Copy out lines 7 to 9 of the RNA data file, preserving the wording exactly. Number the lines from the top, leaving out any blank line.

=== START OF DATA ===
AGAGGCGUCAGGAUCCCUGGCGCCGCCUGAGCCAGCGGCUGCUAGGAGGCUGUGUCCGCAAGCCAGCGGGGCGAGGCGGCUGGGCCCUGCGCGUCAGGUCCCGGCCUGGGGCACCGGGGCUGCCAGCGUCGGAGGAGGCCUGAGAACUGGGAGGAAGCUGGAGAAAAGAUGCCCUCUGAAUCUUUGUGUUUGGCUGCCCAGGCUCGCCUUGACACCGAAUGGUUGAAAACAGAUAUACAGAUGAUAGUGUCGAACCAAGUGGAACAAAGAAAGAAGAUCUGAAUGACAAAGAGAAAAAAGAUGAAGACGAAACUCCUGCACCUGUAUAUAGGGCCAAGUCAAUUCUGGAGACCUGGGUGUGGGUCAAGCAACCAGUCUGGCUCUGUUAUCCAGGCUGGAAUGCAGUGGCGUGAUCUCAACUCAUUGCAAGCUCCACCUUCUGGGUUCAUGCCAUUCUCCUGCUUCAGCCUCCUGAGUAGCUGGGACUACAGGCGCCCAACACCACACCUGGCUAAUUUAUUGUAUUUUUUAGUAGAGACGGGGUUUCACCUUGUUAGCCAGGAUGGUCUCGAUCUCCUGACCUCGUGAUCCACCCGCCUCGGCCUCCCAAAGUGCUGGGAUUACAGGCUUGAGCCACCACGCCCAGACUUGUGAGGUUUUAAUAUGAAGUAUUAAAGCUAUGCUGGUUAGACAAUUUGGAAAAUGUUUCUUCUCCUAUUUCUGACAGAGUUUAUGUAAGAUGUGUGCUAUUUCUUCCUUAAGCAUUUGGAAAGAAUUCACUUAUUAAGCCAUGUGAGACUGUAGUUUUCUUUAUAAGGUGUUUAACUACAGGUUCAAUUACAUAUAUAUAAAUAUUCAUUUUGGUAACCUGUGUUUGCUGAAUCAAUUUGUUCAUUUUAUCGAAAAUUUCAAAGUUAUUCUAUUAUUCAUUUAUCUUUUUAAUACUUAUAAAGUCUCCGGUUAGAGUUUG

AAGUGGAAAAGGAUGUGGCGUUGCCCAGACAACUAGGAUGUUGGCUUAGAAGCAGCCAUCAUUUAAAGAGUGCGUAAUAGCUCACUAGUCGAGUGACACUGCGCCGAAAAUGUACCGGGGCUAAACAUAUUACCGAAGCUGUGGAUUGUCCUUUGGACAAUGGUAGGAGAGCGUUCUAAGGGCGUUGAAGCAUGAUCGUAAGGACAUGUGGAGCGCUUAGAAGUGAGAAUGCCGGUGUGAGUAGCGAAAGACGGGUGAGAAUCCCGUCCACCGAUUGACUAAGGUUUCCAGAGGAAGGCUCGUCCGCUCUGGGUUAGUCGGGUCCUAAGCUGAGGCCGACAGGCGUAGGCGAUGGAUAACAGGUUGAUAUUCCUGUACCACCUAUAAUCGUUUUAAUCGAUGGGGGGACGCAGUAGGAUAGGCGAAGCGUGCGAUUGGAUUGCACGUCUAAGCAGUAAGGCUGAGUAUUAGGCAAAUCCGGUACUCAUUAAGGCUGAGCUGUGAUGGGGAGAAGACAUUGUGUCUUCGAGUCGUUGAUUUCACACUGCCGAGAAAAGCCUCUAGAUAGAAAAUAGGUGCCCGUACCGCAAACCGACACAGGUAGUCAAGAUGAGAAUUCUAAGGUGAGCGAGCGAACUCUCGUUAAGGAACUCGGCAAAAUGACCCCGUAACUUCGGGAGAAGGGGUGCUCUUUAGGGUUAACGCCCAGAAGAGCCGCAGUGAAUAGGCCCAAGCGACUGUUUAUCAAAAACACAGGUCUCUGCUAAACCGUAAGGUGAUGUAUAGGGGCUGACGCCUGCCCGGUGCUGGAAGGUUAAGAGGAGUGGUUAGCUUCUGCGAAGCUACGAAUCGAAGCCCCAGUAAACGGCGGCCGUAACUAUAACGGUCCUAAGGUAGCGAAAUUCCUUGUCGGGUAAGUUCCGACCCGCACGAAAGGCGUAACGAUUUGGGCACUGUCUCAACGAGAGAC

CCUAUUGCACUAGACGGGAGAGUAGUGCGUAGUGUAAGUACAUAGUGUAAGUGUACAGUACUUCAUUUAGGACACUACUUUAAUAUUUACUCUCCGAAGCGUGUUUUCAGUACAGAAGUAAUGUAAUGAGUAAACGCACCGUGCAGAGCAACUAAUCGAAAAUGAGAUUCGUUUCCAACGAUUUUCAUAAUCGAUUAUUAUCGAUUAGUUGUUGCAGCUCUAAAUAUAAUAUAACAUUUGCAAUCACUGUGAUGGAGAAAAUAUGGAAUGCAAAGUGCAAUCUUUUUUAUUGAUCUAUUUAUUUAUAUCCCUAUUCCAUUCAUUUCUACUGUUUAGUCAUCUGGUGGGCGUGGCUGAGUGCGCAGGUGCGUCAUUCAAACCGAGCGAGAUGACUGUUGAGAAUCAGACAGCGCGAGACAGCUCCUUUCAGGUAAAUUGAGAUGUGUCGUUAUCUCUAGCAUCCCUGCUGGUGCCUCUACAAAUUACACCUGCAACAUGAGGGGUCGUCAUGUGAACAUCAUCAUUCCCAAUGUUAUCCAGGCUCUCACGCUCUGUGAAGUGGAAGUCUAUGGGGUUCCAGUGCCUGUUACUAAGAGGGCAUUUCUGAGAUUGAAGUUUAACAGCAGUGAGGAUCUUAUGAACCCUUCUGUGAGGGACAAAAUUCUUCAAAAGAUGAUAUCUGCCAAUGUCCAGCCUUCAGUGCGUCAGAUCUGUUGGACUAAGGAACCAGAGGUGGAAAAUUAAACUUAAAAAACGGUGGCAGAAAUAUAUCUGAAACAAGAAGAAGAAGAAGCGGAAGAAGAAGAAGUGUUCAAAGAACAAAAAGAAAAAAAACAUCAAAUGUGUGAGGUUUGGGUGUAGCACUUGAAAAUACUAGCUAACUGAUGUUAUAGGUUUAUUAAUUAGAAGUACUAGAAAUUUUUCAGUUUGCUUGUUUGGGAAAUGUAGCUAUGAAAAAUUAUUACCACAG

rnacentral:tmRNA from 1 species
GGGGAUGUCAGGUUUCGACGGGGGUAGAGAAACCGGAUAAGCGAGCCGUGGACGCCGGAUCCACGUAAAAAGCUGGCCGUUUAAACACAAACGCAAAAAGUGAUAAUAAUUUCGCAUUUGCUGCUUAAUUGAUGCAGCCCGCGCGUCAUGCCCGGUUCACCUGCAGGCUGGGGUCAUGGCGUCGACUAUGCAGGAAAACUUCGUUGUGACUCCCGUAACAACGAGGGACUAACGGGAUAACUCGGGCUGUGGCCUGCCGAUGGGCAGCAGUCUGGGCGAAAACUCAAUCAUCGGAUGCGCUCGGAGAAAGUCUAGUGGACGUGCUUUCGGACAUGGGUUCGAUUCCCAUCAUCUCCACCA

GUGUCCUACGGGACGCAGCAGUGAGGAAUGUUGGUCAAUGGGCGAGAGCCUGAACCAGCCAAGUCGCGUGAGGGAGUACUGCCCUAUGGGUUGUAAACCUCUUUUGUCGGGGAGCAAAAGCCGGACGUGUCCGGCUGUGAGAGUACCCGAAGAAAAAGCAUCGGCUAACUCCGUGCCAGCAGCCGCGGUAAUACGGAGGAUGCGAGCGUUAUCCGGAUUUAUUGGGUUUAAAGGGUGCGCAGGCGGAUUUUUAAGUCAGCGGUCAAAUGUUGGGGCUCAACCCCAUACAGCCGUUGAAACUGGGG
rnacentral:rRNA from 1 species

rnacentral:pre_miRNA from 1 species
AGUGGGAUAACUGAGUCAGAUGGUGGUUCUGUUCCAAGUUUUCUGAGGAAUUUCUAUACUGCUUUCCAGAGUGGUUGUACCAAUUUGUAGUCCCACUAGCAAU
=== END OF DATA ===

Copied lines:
rnacentral:rRNA from 1 species

rnacentral:pre_miRNA from 1 species
AGUGGGAUAACUGAGUCAGAUGGUGGUUCUGUUCCAAGUUUUCUGAGGAAUUUCUAUACUGCUUUCCAGAGUGGUUGUACCAAUUUGUAGUCCCACUAGCAAU